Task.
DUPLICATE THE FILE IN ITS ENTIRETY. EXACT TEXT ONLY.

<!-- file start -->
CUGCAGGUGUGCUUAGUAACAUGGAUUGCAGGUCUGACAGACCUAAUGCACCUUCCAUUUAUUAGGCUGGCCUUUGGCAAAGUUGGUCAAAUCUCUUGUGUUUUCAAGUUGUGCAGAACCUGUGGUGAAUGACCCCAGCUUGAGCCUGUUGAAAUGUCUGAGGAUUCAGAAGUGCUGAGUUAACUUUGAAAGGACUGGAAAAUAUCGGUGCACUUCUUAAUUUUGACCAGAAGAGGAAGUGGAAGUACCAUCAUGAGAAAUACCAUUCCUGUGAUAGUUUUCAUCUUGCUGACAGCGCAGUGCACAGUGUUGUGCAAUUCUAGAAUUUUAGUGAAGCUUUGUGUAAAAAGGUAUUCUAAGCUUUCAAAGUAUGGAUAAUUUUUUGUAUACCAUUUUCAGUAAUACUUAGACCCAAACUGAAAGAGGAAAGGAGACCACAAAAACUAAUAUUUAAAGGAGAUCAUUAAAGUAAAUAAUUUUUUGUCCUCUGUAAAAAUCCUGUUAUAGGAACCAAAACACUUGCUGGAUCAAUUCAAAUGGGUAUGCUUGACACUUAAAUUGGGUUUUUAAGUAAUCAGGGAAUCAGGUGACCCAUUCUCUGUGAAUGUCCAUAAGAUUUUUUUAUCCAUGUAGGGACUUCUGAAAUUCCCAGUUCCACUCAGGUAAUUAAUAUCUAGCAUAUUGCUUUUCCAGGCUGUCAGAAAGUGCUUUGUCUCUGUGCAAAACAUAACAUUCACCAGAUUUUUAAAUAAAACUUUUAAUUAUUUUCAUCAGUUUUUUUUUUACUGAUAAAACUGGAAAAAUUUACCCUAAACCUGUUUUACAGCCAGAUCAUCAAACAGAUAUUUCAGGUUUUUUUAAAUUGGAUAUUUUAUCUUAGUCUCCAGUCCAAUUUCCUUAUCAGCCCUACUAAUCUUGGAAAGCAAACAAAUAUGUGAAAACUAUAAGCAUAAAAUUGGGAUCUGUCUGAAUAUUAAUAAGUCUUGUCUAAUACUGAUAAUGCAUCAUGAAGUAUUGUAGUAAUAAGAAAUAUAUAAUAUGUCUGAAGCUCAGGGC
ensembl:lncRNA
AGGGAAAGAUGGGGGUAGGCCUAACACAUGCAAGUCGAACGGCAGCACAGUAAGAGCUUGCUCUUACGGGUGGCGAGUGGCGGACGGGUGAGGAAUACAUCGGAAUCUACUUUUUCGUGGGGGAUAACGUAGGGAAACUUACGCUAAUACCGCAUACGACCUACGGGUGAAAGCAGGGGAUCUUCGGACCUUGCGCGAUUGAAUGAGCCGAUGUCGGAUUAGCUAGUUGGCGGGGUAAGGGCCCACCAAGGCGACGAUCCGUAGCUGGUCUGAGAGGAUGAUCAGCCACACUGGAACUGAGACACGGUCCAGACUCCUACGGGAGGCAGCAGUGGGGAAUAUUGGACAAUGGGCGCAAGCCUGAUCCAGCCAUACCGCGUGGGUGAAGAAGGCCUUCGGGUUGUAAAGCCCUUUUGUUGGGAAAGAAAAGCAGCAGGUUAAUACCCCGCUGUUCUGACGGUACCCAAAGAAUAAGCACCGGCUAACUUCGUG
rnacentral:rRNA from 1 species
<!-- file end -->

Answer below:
CUGCAGGUGUGCUUAGUAACAUGGAUUGCAGGUCUGACAGACCUAAUGCACCUUCCAUUUAUUAGGCUGGCCUUUGGCAAAGUUGGUCAAAUCUCUUGUGUUUUCAAGUUGUGCAGAACCUGUGGUGAAUGACCCCAGCUUGAGCCUGUUGAAAUGUCUGAGGAUUCAGAAGUGCUGAGUUAACUUUGAAAGGACUGGAAAAUAUCGGUGCACUUCUUAAUUUUGACCAGAAGAGGAAGUGGAAGUACCAUCAUGAGAAAUACCAUUCCUGUGAUAGUUUUCAUCUUGCUGACAGCGCAGUGCACAGUGUUGUGCAAUUCUAGAAUUUUAGUGAAGCUUUGUGUAAAAAGGUAUUCUAAGCUUUCAAAGUAUGGAUAAUUUUUUGUAUACCAUUUUCAGUAAUACUUAGACCCAAACUGAAAGAGGAAAGGAGACCACAAAAACUAAUAUUUAAAGGAGAUCAUUAAAGUAAAUAAUUUUUUGUCCUCUGUAAAAAUCCUGUUAUAGGAACCAAAACACUUGCUGGAUCAAUUCAAAUGGGUAUGCUUGACACUUAAAUUGGGUUUUUAAGUAAUCAGGGAAUCAGGUGACCCAUUCUCUGUGAAUGUCCAUAAGAUUUUUUUAUCCAUGUAGGGACUUCUGAAAUUCCCAGUUCCACUCAGGUAAUUAAUAUCUAGCAUAUUGCUUUUCCAGGCUGUCAGAAAGUGCUUUGUCUCUGUGCAAAACAUAACAUUCACCAGAUUUUUAAAUAAAACUUUUAAUUAUUUUCAUCAGUUUUUUUUUUACUGAUAAAACUGGAAAAAUUUACCCUAAACCUGUUUUACAGCCAGAUCAUCAAACAGAUAUUUCAGGUUUUUUUAAAUUGGAUAUUUUAUCUUAGUCUCCAGUCCAAUUUCCUUAUCAGCCCUACUAAUCUUGGAAAGCAAACAAAUAUGUGAAAACUAUAAGCAUAAAAUUGGGAUCUGUCUGAAUAUUAAUAAGUCUUGUCUAAUACUGAUAAUGCAUCAUGAAGUAUUGUAGUAAUAAGAAAUAUAUAAUAUGUCUGAAGCUCAGGGC
ensembl:lncRNA
AGGGAAAGAUGGGGGUAGGCCUAACACAUGCAAGUCGAACGGCAGCACAGUAAGAGCUUGCUCUUACGGGUGGCGAGUGGCGGACGGGUGAGGAAUACAUCGGAAUCUACUUUUUCGUGGGGGAUAACGUAGGGAAACUUACGCUAAUACCGCAUACGACCUACGGGUGAAAGCAGGGGAUCUUCGGACCUUGCGCGAUUGAAUGAGCCGAUGUCGGAUUAGCUAGUUGGCGGGGUAAGGGCCCACCAAGGCGACGAUCCGUAGCUGGUCUGAGAGGAUGAUCAGCCACACUGGAACUGAGACACGGUCCAGACUCCUACGGGAGGCAGCAGUGGGGAAUAUUGGACAAUGGGCGCAAGCCUGAUCCAGCCAUACCGCGUGGGUGAAGAAGGCCUUCGGGUUGUAAAGCCCUUUUGUUGGGAAAGAAAAGCAGCAGGUUAAUACCCCGCUGUUCUGACGGUACCCAAAGAAUAAGCACCGGCUAACUUCGUG
rnacentral:rRNA from 1 species